Walk into any big-box store and you’re likely to see a wall of lightbulbs. With the move toward energy-efficient LED lighting, the new language on packaging can be more confusing than ever.
Consumer Reports recently ran an article that demystified LED terms. One of the points of confusion is that LED packaging is not uniform, so we’ll look at a couple examples.
At the right, the packaging gives a few important bits of information:
• Lumens – The brightness of the bulb, which used to be measured in watts. With LEDs, 1600 lumens deliver the brightness of a 100-watt bulb, 1100 lumens equate to a 75-watt bulb, and 800 lumens is equivalent to a 60-watt bulb.
• Life – LEDs don’t usually burn out over time, but they fade in intensity. When its light is decreased by 30%, it’s at the end of its useful life, which is listed on the package.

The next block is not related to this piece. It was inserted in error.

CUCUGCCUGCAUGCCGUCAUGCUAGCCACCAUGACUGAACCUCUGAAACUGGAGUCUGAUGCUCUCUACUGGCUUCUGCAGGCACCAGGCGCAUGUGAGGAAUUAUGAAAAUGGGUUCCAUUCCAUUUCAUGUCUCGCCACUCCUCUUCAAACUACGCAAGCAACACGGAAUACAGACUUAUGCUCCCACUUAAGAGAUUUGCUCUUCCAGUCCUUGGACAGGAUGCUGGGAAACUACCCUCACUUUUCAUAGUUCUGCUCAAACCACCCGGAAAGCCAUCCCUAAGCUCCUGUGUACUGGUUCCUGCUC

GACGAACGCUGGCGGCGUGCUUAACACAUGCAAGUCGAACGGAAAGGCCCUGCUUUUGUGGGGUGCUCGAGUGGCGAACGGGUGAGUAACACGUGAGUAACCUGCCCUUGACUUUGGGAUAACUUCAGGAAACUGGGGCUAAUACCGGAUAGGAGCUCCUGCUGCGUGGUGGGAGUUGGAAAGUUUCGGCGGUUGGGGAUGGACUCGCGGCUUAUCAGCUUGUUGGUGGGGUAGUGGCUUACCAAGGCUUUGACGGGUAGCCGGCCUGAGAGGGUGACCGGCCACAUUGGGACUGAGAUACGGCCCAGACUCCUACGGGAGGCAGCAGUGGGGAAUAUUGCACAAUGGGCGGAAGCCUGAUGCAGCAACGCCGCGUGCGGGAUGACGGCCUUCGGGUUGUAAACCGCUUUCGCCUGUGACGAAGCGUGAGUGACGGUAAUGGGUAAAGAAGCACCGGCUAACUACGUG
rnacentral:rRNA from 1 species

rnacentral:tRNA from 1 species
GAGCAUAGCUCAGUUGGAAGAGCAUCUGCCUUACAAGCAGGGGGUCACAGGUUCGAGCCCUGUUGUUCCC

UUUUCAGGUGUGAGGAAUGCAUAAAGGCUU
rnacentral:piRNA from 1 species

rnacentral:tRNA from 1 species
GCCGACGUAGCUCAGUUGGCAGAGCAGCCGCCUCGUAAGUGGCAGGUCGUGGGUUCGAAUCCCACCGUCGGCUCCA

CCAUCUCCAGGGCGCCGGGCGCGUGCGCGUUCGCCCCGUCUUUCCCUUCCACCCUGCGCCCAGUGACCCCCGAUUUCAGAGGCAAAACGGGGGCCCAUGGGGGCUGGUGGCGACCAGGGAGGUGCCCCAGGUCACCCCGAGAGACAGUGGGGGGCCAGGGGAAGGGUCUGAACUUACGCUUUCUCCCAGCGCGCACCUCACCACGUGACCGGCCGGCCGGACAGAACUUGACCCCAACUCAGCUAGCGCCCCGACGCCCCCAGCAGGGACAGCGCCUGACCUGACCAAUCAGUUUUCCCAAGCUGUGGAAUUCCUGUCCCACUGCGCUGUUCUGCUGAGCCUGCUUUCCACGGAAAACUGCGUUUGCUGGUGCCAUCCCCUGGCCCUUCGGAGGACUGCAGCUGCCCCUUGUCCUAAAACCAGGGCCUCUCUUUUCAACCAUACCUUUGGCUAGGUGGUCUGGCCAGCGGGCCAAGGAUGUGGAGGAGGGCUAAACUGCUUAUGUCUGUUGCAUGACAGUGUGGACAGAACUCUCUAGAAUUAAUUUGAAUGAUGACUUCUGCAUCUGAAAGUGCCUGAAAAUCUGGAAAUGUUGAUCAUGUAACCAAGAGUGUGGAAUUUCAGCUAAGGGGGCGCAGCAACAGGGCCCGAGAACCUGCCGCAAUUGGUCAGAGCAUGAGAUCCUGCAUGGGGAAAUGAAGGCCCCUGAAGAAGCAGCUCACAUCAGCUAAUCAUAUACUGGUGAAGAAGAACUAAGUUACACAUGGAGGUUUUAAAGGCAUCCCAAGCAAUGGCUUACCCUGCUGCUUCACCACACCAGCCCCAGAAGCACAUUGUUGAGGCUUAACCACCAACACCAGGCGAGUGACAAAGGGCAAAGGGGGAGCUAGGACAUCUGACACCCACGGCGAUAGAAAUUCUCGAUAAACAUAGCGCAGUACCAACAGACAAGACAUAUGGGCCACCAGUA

• Energy Used – Watts is a measure of energy, and LEDs are clear winners. Notice on this package that a 750-lumens LED uses just 13 watts to deliver the same light as a 60-watt incandescent.
To help consumers understand LEDs, some packages list the “watt replacement” value on packaging, as shown here.
You may also see other valuable information, such as:
• Energy Star – Energy Star products meet stringent federal guidelines for energy efficiency and may qualify for utility rebates. LEDs with an Energy Star rating are also warrantied to last longer than three years.
• Mercury Free – No LEDs contain mercury, but CFLs do. Although it’s only a small amount, be sure to recycle CFLs as you would any hazardous material.
• Direction – LED bulbs typically shine light in a specific direction unless otherwise noted. Omnidirectional bulbs are well-suited for A-type bulbs used in lamps.
• Color Rendering Index (CRI) – CRI indicates how accurately colors are rendered by a bulb. Although halogen bulbs are the most accurate in rendering color, most LEDs and CFLs test well.